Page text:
In a new post to the "imagine easy" blog Yitzchak Schaffer looks at Aspect Oriented Programming in PHP and pushing the limits of some of the work already done in the area.
Here's the premise [of Aspect Oriented Programming]. A given piece of code exists for a certain purpose - let's say, to retrieve a record from a database. But there may be any number of other things that need to happen in addition to the actual retrieval: logging, access control, caching… those are known as cross-cutting concerns - issues that are relevant across the codebase, but are not specifically relevant to any one piece of code where they might be needed. And being that these bits of functionality are not intrinsically connected with data retrieval, in our example, it would make sense for them to be disconnected from the retrieval implementation.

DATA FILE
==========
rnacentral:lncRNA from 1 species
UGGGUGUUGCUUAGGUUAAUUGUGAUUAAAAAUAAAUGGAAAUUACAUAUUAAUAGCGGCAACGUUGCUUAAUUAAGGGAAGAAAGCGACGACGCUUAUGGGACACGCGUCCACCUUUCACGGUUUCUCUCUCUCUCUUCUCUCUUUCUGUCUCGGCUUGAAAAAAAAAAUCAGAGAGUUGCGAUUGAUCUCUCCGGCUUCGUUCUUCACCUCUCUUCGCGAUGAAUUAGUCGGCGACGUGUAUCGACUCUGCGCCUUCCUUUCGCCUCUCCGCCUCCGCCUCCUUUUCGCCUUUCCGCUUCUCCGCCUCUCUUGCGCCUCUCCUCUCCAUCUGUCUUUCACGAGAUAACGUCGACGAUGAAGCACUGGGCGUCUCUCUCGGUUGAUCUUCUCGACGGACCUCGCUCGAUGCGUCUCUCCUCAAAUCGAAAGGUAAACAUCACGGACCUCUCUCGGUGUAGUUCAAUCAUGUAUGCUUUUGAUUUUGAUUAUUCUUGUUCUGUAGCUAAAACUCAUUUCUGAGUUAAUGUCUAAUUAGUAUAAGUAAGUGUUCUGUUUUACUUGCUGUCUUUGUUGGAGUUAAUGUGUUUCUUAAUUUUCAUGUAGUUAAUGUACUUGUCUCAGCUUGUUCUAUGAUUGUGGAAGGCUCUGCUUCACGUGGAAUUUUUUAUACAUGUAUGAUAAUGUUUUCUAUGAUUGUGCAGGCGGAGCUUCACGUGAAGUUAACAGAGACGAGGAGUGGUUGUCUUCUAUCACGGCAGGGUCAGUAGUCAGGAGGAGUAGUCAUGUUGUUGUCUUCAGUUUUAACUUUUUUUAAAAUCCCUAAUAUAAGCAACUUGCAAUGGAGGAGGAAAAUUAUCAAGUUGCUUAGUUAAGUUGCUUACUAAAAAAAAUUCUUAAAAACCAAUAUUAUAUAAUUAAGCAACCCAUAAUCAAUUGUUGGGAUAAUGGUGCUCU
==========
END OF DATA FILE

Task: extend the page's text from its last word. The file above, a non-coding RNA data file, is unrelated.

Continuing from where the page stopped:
He includes some example code showing the migration from a typical logging example, moving the logging code away from the other parts and into an "aspect". He briefly mentions some caching functionality and talks about how one PHP framework, Lithium, makes use of these kinds of AOP principles. He offers an alternative in the form of subtypes, and example of which he's implemented in a tool of his own, Camphor.